Jeff Morgan, Jeff.Morgan@iowa.gov,
MOINES) – Nearly 20 years before Jackie
Robinson broke Major League baseball’s color
barrier, the legendary Sioux City Ghosts fast-pitch
softball team was breaking down walls and making a
name for themselves in stadiums across the country.
A documentary detailing the history and significance
of the team will be shown at 2 p.m. July 14, 2007
at the State Historical Museum in conjunction with
“Shades of Greatness: Art Inspired by Negro
Leagues Baseball,” a multi-media art exhibit
showcasing the history of Negro leagues baseball.
The State Historical Museum is at 600 E. Locust Street
in Des Moines’ Historic East Village. Call 515-281-5111
for more information.
Sioux City Journal Online Editor Thomas
Ritchie, who helped to produce “Sioux City’s
Ghosts,” will present the documentary and answer
questions afterwards. Ritchie worked with freelance
writer Jan Dehner and producer/videographer Chris
Simons to create and produce the documentary.
The Sioux City Ghosts was a fast-pitch softball team
comprised entirely of African-American men from Sioux
City. The team combined its exceptional skills on
the ball field with a keen sense of comedic showmanship,
touring the Midwest, West Coast, and parts of Canada
and Mexico from the 1930s until the mid-1950s. For
their pranks and antics on the field, they were often
compared to basketball’s Harlem Globetrotters.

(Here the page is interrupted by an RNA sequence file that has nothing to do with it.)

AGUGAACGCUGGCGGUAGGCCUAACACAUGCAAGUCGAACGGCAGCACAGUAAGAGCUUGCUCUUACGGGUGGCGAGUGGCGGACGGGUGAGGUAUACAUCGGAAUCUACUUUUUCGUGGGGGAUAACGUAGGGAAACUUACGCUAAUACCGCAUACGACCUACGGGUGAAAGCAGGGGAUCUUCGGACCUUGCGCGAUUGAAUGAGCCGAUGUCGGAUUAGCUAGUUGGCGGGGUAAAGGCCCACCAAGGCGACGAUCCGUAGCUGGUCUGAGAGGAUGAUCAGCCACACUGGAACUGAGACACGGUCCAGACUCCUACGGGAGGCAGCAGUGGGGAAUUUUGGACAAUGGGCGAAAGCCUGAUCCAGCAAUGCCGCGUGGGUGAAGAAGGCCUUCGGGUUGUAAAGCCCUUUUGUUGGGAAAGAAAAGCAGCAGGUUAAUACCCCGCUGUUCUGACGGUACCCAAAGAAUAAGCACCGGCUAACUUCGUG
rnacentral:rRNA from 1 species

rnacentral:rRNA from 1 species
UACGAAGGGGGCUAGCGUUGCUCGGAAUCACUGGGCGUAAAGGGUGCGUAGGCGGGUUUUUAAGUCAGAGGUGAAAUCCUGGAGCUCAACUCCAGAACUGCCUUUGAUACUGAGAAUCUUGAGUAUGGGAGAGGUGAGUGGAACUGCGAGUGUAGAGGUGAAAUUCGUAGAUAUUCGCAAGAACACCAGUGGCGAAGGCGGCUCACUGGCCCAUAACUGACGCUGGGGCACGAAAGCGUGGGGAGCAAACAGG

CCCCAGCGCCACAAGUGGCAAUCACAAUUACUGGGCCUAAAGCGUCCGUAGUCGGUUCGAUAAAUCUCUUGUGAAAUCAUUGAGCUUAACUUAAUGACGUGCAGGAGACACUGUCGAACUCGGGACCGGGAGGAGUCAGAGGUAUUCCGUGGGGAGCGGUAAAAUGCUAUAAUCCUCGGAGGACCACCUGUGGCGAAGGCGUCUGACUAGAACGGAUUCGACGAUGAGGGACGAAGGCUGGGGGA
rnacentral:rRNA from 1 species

The Ghosts made a name for themselves despite limits
imposed on them by a segregated society. The team
overcame prejudices, at times even refusing to play
their exhibition game until local officials waived
the discriminatory rules, thereby helping to break
down racial barriers. The team is often credited for
easing racial tensions and helping to lay the foundation
for the integration of Major League baseball.
Memorabilia and artifacts from the Ghosts were placed
into collections of the National Museum of American
History’s Division of Cultural History, and
later the Archives Center, at the Smithsonian Institute
in Washington, D.C. in 1996, acknowledging the team
as historically and culturally significant to the
In 1983, Ghosts team member and Sioux City resident
Frankie Williams was recognized by the Iowa Amateur
Softball Association. Players Floyd Fuji Fulton and
L.J. Favors have been inducted into the organization’s
Hall of Fame. In 1997, the Greater Siouxland Athletic
Association placed the team into its Hall of Fame.
Williams, the last surviving member of the Sioux City
Ghosts, died a month ago in Sioux City at age 86.
The Iowa Department of Cultural Affairs is responsible
for developing the state’s interest in the areas
of the arts, history and other cultural matters with
the advice and assistance from its two divisions:
the State Historical Society of Iowa and the Iowa
Arts Council. DCA preserves, researches, interprets
and promotes an awareness and understanding of local,
state and regional history and stimulates and encourages
the study and presentation of the performing and fine
arts and public interest and participation in them.
It implements tourism-related art and history projects
as directed by the General Assembly and designs a
comprehensive, statewide, long-range plan with the
assistance of the Iowa Arts Council to develop the
arts in Iowa. More information about DCA is available
to What's New Section